At the present time, like you, don't want to switch to DSLR and their problems because the low light problems are just a minimal hassle for me. Most of my work is not weddings, so I just turn on the lights. For a wedding, I just adapt as best I can. So far, no complaints from the clients.

Kevin Lewis September 26th, 2014 06:11 PM

Re: Lighting question when using Camcorders
 
I own the Canon XHA1 and the bottom line is, its just not a great camera for low light events. What I normally do is put an LED light on a boom pole and have an assistant follow me with it. This way i'm only lighting the area that I need to shoot and I can turn it off when its not needed.

Mark Whittle October 2nd, 2014 12:24 AM

Re: Lighting question when using Camcorders
 
I use a couple of the cheapie square LED lights that Dave mentioned. I have a few smaller ones that have no dimmers and I never use them. The dimmable ones are great as you can dial in just the slightest bit of fill or crank it right up for the speeches. They also come with an orange filter to approximate tungsten which is very handy.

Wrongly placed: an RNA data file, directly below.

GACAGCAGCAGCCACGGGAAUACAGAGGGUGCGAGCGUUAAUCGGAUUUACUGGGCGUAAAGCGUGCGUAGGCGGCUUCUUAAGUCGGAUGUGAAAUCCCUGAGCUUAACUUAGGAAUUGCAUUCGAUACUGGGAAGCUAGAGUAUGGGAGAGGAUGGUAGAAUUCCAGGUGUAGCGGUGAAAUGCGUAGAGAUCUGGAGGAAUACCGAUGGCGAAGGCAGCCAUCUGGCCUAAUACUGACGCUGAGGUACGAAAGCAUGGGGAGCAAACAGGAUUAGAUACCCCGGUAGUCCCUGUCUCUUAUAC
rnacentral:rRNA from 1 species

For the dance I have one on my moving camera and another on a light stand up nice and high next to the 2nd cam wide shot. Shooting the couple with this light behind them looks great.

Even if you have very sensitive low light cameras, they will still benefit hugely from some subtle lighting.

If there's time, I put a strip of flexible 12V LED lights along the bridal table with a dimmer so I can bring the levels up a bit. Great for adding to candlelight. You get the stuff off eBay - 5m + a dimmer for like $25. Just be sure and get the warm white one.

Cheers